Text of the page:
Sierra Hancock and her team members with KMOV’s “Surprise Squad” won the Mid-America Emmy for best human interest program or features for their story on Coach Todd Shelton.
Webster alum Sierra Hancock crouched under the bleachers in the fall of 2019, waiting for her cue to start filming. She didn’t know that day would cause her to have an Emmy award in her hands a year later.
Hancock and members of KMOV’s “Surprise Squad” were at McCluer South Berkeley High School to surprise coach Todd Shelton. Shelton had been struck by a stray bullet earlier in the year while driving, leaving him paralyzed from the neck down.
At halftime, the squad would pop out and surprise Shelton with a new ramp for his home, jerseys signed by his favorite football player and a handicap-accessible van. The experience left Shelton in tears.
“When you’re in a position like that, survival is top of mind. We also wanted to make sure that we were doing stuff that was beyond that, that was bringing happiness to them too,” Spencer said. “It wasn’t just about survival.”
The story won the Mid-America Emmy for best human interest program or features segment and was the biggest surprise the squad had done yet. They worked for months on the surprise, planning out the details to make sure nothing was overlooked. Hancock credited Brian Spencer, a producer on the Surprise Squad, as the “brain of the operation.”
“It was just a really beautiful day, for a family really needed it,” Hancock said. “And that’s what Surprise Squad is, just finding those people in the community who makes such an impact on others. And then now we can impact them. And so that’s what we did with that coach.”
Hancock, one of two women in her Emmys category, said she hopes her winning the award will also serve as a positive example to others. Being a woman of color, Hancock wants to show other women and women of color that being in the industry is possible.
“On my team, it came over me like I was the only woman, I was the only person of color,” Hancock said. “I came into a completely white male team from my boss down to every producer. So it was just huge for me to be able to show that women can carry the heavy gear, women can be on the stories and do the hard work and do whatever that you set your mind to.”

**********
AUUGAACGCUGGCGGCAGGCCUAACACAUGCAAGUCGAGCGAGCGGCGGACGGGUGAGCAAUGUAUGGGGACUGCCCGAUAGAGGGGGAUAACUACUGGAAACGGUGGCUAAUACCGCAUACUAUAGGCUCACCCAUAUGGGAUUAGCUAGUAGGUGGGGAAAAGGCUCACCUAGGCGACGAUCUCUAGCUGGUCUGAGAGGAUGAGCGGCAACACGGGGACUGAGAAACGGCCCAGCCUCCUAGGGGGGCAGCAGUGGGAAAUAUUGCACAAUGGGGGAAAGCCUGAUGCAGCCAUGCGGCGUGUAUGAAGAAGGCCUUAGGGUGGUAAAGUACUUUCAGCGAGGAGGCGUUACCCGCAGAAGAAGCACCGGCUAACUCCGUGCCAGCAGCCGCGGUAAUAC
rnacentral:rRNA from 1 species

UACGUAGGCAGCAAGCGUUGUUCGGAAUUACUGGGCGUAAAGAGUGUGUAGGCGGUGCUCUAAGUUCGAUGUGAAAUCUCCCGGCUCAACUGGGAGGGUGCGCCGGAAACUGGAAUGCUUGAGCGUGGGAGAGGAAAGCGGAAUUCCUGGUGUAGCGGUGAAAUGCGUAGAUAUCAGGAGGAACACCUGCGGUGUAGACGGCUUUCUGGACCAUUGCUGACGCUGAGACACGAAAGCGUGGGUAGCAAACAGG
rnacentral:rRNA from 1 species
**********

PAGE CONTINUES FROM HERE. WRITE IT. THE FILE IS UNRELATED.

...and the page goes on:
Spencer said Hancock’s presence on the team was essential. Not only were her skills as a videographer key, her young age helped bring a certain factor to their segment.
“I’m not aging, I’m just not hip. So to see what she’s into and where her knowledge is and her cultural knowledge, it was wonderful to have because when you’re out of it, you just don’t know what you’re missing and it’s wonderful to have,” Spencer said. “Because then you start seeing ways to tell stories differently, to present them differently. You see her style, and all of that bleeds together with everybody else in the team. And it’s great to have.”
As far as the future beyond her new golden statue, Hancock now works in Nashville as a video producer for Meredith. This comes after she lost her job during the station’s COVID-19 mass layoffs, then was rehired by the same corporation. Hancock credits her friends, family, God and Webster for her path. Next up for Hancock is acquiring more of the tiny globe statues.
“I definitely would like to win an Emmy for producing,” Hancock said. “That was great to have a team where I was the videographer, but it’d be nice to be like the Brian Spencer where I’m the producer, I’m the brain behind the project. So that would be really cool to aspire for that next. And I think in my current role, I’ll have more of an opportunity to do that.”
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I like to write, a lot. I mainly focus in the news and lifestyle sections. When I'm not writing, I'm hanging out with my nephews, reading or binging a Netflix show. I have a really cool dog named Harper, too. She's the cutest.